Travellers arriving from the United Kingdom and United States will need to pass a pre-flight covid test before they board their plane from midnight. Photo / Dean Purcell
People from the Cook Islands will be allowed to come to New Zealand without going into quarantine from next week.
“Following confirmation of the Cook Islands’ Covid-free status, and the implementation of strict health and border protocols we are now in the position to resume quarantine-free travel for passengers from the Cook Islands into New Zealand,” Prime Minister Jacinda Ardern said.
Cook Islands Prime Minister Mark Brown said Cook Islanders needed to access essential services here.
Strict protocols will be in place including pre-departure health requirements and separation from other travellers at Auckland International Airport, to prevent the risk of Covid spread from travellers from other countries, Ardern said.
The announcement does not change the criteria for entry into the Cook Islands which is limited to Cook Islanders and current holders of Cook Islands work and residence permits who meet Cook Islands health entry requirements.
But Ardern said work was ongoing to allow two-way quarantine free travel between the two countries “within the first quarter of 2021”.
It comes as tough new travel regulations come into force later today for Kiwis returning from global covid hotspots as concerns mount over New Zealand’s vulnerability to the most contagious strains to date.
With 62 active cases in managed isolation, including cases linked to the infectious variants circulating in South Africa and the United Kingdom, there are renewed calls by our top health official and scientists to not get complacent as we enjoy a summer break that is proving the envy of the world.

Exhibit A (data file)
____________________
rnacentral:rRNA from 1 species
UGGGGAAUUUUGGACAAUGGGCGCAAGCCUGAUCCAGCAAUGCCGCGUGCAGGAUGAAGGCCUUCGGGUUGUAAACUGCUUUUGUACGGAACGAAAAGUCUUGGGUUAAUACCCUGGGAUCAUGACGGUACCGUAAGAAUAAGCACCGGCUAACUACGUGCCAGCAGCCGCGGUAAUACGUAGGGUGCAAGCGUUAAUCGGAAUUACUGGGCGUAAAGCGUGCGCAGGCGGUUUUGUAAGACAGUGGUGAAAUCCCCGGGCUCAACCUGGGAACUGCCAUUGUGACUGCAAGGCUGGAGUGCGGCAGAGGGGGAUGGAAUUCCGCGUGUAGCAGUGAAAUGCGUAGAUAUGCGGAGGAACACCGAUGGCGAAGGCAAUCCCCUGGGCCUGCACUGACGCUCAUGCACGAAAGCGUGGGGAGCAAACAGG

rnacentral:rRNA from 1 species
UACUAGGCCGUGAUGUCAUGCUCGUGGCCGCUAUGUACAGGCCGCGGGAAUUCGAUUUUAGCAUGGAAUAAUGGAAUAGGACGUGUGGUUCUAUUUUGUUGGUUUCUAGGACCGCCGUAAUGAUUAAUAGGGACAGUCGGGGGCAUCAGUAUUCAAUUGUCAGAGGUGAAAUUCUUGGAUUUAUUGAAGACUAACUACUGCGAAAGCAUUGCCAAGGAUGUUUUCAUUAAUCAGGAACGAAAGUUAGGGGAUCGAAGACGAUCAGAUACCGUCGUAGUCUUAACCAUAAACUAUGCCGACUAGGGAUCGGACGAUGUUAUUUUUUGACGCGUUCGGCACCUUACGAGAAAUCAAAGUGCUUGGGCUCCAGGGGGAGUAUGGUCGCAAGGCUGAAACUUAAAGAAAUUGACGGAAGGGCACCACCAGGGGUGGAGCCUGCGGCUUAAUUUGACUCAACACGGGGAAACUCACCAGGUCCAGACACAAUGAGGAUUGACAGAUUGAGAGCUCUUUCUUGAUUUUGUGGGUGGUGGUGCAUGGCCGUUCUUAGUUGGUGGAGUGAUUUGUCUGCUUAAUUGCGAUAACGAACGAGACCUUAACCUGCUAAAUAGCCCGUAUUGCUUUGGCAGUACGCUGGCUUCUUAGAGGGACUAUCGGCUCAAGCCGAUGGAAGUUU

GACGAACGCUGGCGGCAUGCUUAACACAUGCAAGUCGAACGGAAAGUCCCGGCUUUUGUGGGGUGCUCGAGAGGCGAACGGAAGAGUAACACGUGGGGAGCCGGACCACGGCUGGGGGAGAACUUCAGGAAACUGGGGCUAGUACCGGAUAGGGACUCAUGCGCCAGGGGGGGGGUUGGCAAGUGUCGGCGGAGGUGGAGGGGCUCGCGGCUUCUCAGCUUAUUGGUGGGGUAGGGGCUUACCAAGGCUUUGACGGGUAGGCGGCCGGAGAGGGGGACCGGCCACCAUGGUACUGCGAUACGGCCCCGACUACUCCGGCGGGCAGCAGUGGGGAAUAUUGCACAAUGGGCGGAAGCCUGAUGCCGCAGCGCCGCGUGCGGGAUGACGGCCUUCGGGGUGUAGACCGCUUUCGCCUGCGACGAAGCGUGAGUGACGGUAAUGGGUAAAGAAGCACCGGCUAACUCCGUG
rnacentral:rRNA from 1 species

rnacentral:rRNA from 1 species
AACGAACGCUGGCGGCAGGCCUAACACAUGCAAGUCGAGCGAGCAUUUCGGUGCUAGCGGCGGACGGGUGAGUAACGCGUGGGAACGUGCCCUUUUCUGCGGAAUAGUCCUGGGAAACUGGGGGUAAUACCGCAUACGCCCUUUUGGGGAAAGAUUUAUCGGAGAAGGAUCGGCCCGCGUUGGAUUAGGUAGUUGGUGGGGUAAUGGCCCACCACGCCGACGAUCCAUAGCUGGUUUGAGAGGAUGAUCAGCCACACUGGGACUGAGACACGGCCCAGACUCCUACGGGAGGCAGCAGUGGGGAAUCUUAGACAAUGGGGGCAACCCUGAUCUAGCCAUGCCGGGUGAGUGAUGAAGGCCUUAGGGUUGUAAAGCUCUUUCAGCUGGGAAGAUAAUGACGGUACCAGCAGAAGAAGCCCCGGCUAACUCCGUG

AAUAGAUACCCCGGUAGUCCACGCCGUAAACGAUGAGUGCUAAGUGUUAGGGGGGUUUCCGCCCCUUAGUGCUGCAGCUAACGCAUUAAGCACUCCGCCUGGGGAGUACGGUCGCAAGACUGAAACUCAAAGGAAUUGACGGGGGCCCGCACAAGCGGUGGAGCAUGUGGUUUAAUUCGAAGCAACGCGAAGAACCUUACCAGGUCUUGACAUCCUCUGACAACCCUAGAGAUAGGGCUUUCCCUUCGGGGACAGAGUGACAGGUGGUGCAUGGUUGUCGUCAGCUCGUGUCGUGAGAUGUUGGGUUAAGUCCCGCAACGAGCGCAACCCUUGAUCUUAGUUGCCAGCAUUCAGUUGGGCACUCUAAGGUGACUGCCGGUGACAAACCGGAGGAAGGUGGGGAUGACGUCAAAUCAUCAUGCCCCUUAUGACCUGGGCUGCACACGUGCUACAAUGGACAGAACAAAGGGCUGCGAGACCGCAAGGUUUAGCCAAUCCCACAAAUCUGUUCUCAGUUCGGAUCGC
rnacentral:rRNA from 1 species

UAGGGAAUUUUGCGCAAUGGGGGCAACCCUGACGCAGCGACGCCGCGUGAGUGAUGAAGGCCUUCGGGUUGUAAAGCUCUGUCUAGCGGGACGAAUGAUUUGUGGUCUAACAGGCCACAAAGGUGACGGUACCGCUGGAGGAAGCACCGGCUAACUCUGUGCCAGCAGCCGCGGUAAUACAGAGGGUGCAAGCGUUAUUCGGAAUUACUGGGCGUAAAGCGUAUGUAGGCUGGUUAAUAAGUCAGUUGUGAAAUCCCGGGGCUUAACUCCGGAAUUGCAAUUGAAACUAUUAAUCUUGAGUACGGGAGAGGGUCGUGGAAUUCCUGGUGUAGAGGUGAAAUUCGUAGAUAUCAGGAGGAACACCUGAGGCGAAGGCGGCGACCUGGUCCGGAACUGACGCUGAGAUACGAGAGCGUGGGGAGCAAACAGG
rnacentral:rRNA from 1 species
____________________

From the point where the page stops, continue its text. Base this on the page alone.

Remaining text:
There are presently no cases in the community.
In the most recent cases a group of international mariners who arrived from Russia on January 6 have seen infection numbers at the border rise sharply. So far 17 seamen have tested positive with nine deemed historical and eight active.
To help strengthen the country’s health defences strict pre-flight Covid testing is set to come into force at 11.59pm tonight.
All travellers from the United Kingdom and the United States who are landing in New Zealand will need to have a negative Covid-19 test result before departure.
The latest requirement means before flying travellers will need to have had both a covid sample taken and the result returned no more than 72 hours before the scheduled time of the first international departure.
A positive test results in an automatic ban from travelling until a test comes back negative and a medical certificate confirms recovery.
Last week covid response minister Chris Hipkins signalled this would be extended to more countries as the outbreak worsened.
Those travellers from Australia, Antarctica and some Pacific Islands would remain exempt.
Meanwhile, top scientists are warning the new variants of the virus had to the potential to spread like wildfire.
Calls are being issued for everyone working in managed isolation quality to be on full alert, and the public to use the Covid Tracer App and switch on the Bluetooth function.
Data has revealed the number of daily scans on the tracer app has plummeted from its peak of 2.5 million in September to around 500,000 in recent weeks.
There’s also been a drop off in the number of tests, with 2187 processed on Monday and 4847 tests processed on Tuesday. The most recent seven-day rolling average was 3729 tests.
Public health expert Professor Nick Wilson said the scanning numbers were “problematic” and would make reacting to a community outbreak difficult.
Earlier director-general of health Dr Ashley Bloomfield warned that Kiwis could not afford to get complacent when it came to using the app.
“We’ve seen how quickly the virus can spread,” he said.
“We all have a responsibility to support contact tracing by keeping a record of our movements, either with the app or by another method such as a diary.
“When someone tests positive for Covid-19, the faster they can provide contact tracers with information about where they’ve been, the faster contact tracers can get ahead of the virus and break the chain of transmission.”